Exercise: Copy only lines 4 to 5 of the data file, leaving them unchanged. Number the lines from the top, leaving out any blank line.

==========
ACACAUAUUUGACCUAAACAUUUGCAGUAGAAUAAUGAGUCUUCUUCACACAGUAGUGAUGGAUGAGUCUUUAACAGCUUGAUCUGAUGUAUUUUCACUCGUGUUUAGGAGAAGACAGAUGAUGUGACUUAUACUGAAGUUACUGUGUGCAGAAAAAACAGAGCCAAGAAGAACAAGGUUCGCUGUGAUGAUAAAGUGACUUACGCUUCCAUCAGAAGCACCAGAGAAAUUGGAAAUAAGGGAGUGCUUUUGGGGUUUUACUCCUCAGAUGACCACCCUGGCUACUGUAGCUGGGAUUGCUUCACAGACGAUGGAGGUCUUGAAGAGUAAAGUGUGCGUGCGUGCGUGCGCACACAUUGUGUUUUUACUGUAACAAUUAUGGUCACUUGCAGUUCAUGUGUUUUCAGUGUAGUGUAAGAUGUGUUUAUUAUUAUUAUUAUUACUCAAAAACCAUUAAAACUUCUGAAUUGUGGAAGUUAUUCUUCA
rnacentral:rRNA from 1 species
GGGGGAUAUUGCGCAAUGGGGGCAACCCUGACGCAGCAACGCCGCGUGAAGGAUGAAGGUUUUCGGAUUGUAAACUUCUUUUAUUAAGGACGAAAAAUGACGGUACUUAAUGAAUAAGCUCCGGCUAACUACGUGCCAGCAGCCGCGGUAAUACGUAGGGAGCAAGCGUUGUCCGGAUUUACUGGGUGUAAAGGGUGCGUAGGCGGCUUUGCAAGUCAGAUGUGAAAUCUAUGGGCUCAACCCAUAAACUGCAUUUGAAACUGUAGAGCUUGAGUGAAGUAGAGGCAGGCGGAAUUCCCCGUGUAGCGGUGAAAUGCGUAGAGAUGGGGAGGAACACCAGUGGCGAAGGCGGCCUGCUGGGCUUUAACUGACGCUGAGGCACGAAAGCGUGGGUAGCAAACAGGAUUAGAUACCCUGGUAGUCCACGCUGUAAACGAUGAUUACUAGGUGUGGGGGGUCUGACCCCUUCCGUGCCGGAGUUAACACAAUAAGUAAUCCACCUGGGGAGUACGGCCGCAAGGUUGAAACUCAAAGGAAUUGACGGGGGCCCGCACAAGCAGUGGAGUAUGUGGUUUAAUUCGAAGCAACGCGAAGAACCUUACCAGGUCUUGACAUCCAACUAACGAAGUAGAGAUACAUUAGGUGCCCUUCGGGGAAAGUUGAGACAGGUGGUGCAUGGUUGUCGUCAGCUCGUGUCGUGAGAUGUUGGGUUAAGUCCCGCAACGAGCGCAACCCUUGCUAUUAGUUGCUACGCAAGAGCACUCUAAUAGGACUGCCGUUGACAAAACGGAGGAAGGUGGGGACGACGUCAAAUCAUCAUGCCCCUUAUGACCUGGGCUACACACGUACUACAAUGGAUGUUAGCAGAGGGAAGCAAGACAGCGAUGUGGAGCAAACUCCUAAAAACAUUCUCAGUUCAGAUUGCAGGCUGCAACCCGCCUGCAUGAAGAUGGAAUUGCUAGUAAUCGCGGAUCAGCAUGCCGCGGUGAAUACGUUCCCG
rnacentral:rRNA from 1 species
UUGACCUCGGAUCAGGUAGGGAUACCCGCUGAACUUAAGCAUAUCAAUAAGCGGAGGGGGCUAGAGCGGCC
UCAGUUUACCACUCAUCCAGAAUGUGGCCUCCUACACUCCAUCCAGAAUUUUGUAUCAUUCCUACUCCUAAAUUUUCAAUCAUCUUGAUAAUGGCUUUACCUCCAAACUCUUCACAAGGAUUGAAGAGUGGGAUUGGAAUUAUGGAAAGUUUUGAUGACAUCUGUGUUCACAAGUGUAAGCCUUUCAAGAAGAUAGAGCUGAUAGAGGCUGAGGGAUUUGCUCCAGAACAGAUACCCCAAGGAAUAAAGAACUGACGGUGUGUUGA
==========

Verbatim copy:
rnacentral:rRNA from 1 species
UUGACCUCGGAUCAGGUAGGGAUACCCGCUGAACUUAAGCAUAUCAAUAAGCGGAGGGGGCUAGAGCGGCC